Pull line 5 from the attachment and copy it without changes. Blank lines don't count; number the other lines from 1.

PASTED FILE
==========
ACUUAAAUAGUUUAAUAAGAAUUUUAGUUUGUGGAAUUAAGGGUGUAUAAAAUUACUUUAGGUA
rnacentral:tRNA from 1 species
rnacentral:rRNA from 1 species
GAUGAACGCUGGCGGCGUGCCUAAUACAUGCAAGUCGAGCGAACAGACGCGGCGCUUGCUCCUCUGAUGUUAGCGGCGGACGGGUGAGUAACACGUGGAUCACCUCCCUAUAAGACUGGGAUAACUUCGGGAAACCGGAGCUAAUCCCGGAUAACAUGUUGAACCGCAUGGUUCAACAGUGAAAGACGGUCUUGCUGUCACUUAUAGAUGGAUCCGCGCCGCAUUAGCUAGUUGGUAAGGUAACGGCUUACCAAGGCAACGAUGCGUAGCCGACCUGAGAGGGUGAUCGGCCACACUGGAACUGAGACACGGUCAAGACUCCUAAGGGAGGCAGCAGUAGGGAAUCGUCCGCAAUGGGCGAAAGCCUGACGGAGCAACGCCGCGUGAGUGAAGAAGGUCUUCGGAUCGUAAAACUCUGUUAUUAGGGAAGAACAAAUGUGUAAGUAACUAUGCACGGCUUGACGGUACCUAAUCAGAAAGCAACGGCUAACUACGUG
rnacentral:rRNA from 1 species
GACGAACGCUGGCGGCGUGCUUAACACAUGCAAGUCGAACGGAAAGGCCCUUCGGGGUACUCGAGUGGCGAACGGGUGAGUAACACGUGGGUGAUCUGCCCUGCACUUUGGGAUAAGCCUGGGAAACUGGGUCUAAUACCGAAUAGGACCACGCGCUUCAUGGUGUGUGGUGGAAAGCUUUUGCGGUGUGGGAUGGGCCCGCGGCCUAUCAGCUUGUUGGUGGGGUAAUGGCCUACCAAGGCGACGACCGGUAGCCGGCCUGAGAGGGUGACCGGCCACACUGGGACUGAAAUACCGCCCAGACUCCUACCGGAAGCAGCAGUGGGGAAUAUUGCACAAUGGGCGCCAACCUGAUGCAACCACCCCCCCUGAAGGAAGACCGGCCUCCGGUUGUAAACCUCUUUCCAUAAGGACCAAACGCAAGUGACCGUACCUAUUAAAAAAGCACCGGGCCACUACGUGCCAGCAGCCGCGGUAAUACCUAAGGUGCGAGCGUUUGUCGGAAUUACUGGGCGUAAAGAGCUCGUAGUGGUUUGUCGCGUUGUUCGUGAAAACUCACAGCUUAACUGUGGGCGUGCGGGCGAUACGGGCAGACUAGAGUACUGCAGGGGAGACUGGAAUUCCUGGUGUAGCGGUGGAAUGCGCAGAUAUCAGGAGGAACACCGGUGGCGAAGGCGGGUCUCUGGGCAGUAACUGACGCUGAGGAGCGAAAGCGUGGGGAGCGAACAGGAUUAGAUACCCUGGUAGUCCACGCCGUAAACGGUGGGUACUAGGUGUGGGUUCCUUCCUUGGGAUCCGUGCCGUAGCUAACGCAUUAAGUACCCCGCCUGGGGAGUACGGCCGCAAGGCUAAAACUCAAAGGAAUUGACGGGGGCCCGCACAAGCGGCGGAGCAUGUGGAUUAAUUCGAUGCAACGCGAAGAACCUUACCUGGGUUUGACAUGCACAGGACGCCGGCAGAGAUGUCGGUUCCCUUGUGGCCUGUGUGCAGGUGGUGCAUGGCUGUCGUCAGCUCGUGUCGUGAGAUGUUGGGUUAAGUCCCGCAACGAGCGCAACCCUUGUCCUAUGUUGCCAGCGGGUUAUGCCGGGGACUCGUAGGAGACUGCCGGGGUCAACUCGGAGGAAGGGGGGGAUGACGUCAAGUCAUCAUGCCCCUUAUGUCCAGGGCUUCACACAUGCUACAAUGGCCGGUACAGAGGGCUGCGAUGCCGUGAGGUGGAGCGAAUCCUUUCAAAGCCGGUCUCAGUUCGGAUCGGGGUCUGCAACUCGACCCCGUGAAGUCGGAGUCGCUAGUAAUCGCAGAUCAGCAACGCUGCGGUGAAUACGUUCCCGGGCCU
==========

rnacentral:rRNA from 1 species